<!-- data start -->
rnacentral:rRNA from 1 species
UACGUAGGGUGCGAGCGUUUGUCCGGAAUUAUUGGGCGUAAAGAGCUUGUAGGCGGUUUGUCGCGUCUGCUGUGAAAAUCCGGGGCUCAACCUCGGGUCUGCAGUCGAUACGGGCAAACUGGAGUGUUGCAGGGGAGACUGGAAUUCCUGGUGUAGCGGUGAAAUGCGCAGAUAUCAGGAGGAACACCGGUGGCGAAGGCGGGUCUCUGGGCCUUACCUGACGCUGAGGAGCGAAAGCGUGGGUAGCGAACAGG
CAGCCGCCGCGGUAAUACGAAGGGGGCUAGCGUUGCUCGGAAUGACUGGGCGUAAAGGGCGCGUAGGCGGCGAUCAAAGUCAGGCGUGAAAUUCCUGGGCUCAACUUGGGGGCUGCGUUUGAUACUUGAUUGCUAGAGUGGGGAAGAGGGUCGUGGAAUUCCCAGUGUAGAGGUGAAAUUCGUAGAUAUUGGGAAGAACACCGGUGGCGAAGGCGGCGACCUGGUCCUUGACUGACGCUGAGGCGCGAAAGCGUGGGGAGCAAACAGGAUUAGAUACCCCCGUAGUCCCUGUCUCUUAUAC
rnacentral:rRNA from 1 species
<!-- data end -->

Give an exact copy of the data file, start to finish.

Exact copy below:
rnacentral:rRNA from 1 species
UACGUAGGGUGCGAGCGUUUGUCCGGAAUUAUUGGGCGUAAAGAGCUUGUAGGCGGUUUGUCGCGUCUGCUGUGAAAAUCCGGGGCUCAACCUCGGGUCUGCAGUCGAUACGGGCAAACUGGAGUGUUGCAGGGGAGACUGGAAUUCCUGGUGUAGCGGUGAAAUGCGCAGAUAUCAGGAGGAACACCGGUGGCGAAGGCGGGUCUCUGGGCCUUACCUGACGCUGAGGAGCGAAAGCGUGGGUAGCGAACAGG
CAGCCGCCGCGGUAAUACGAAGGGGGCUAGCGUUGCUCGGAAUGACUGGGCGUAAAGGGCGCGUAGGCGGCGAUCAAAGUCAGGCGUGAAAUUCCUGGGCUCAACUUGGGGGCUGCGUUUGAUACUUGAUUGCUAGAGUGGGGAAGAGGGUCGUGGAAUUCCCAGUGUAGAGGUGAAAUUCGUAGAUAUUGGGAAGAACACCGGUGGCGAAGGCGGCGACCUGGUCCUUGACUGACGCUGAGGCGCGAAAGCGUGGGGAGCAAACAGGAUUAGAUACCCCCGUAGUCCCUGUCUCUUAUAC
rnacentral:rRNA from 1 species